Dylan storms Nashville, Jack White guests

Of course, I’d love to have been there, but since I wasn’t, here’s guest blogger Gavin Martin, on Bob Dylan’s return to Nashville. . .

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Of course, I’d love to have been there, but since I wasn’t, here’s guest blogger Gavin Martin, on Bob Dylan’s return to Nashville. . .



Ryman Auditorium

September 20 2007

Down on Nashville’s Broadway, Dylan’s arrival is being treated as the return of a musical saviour. Things certainly have changed – back when Johnny Cash presented Bob, the pilgrim rocker, to Music City in 1969, Dylan was regarded as a blow in, a musical carpetbagger.


Now he’s an heroic survivor, a custodian of the values Nashville’s reigning country establishment have forsaken, an iconoclast as single-minded as any in country music history.

Excitement around Bob’s two night residency at the 1,200 capacity Ryman, setting for the Grand Ol’ Opry’s golden era, increases with the news that Dylan and his road band, still riding their post-millennium hot streak, are spending their days in a local studio, prepping a follow-up to Modern Times.

The show repays the anticipation – Bob wields a Stratocaster on the opening “Cat’s In The Well”. No longer spending his entire performance to the side of the stage behind the organ (when he does take to the keyboard its stage centre), it’s immediately clear the Ryman’s aged wooded interior suits the band’s old world sound – much better than the cold oppressive arenas that have become their common habitat.

Two songs originally recorded in nashville – a shaky “Lay Lady Lay” and a rambunctious “I’ll Be Your Baby Tonight” – makes Bob’s longstanding special Music City connection explicit early in the set.

Just as striking a tribute to outré country tradition is his stage garb – imperious wide-brimmed, purple hat, spangly chartreuse guitar strap and accompanying glitter flecked purple cravat and bible black, hanging judge suit.

A rapturous “Working Man Blues” and a “Tangled Up In Blue” with Bob blowing poignant, electrifying harp confirm the band’s abiding heat. Bob aside, tonight’s man of the match is drummer George Recile – his fiery thrash and rimshots blazing a ferocious trail. At least he is – until local resident Jack White turns up.

Confined to barracks with the cancellation of this winter’s White Stripes tour, White is a vortex of anger and frustration, spitting out the lyrics, slashing at his axe on “One More Cup Of Coffee” and “Outlaw Blues” (the previous night’s show had featured Jacl on the first-ever live version of “Meet Me In The Morning”, from Blood On the Tracks)..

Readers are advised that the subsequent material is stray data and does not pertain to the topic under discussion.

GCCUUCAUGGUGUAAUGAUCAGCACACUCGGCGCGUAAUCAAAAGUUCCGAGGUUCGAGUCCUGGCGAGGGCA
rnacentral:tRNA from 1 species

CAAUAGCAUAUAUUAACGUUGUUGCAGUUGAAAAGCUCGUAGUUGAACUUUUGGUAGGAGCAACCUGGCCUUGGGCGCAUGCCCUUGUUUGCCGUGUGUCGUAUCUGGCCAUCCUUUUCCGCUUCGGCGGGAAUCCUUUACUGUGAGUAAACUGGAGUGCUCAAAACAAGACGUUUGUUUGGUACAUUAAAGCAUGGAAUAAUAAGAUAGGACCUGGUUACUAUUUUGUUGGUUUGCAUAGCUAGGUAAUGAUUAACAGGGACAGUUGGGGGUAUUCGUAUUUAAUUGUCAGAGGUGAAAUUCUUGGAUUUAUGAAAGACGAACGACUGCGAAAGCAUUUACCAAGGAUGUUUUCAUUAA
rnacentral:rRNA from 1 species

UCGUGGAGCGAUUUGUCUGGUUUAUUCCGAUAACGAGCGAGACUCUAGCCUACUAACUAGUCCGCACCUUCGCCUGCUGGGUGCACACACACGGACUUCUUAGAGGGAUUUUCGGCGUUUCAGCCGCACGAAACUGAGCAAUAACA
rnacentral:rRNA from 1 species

The latter is being played for the first time ever onstage and White’s intensity – a lusty mule, running crazed, feverish circles around the stage – never lets up. Finger pointing

Bob chuckles, conducting his performance from behind the organ.White’s guitar lines have a sizzlingly warped ferocity, like Neil Young of old.

It is a singularly charismatic performance, the first time I’ve ever seen anyone on a stage with Dylan usurp the maestro. Dylan’s delight makes it seem that a long lost grandson has joined his band and one can almost hear the sound of Elvis Costello – responsible for a particularly egregious, solo acoustic support set that had people feeling to the bars – spitting teeth at the side of the stage.

White evidently energises Bob further – a delicate but horny “’Til I Fell In Love With You” and brilliantly rephrased “Memphis Blues” ensue.

The magisterially haunted “Ain’t Talkin'” towers over everything, however – confirmation that at 66 Bob looks and sounds as potent as he has at any point in his career.

An invective-filled “Ballad Of A Thin Man”, a joyfully unbounded “Thunder On The Mountain” and tear-inducing “I Shall Be Released” bring the show to a close.

There’s a mass standing ovation long after Dylan has left the stage and outside an applauding crowd slow walk the tour coach up the hill, a response that emphasises the fact that fortonight and forever more he has made a home from home in Music City.


Set lists

Ryam Auditorium

September 19 2007

Leopard-Skin Pill-Box Hat

Don’t Think twice, It’s All Right

Watching The River Flow

You’re a Big Girl Now

The Levee’s Gonna Break

Spirit On The Water

Desolation Row

Working Man’s Blues #2

Things Have Changed

Most Likely You Go You’re Way (And I’ll Go Mine)

Meet Me In The Morning [with Jack White on electric guitar]

Highway 61 Revisited

Nettie Moore

Summer Days

Masters Of War

Thunder On The Mountain

Blowin’ In The Wind

Ryman Auditorium

September 20 2007

Cat’s In The Well

Lay Lady Lay

I’ll Be Your baby Tonight

Working Man’s Blues #2

High Water (For Charlie Patton)

Spirit On The Water

Tangled Up In Blue

One More Cup Of Coffee [with jack White on guitar and vocals]

Outlaw Blues {with Jack White on guitar and vocals]

‘Til I Fell In Love With You

When The Deal Goes Down

Stuck Inside Of Mobile With The Memphis Blues Again

Ain’t Talkin’

Summer Days

Ballad Of A Thin Man

Thunder on the Mountain

I Shall Be Released


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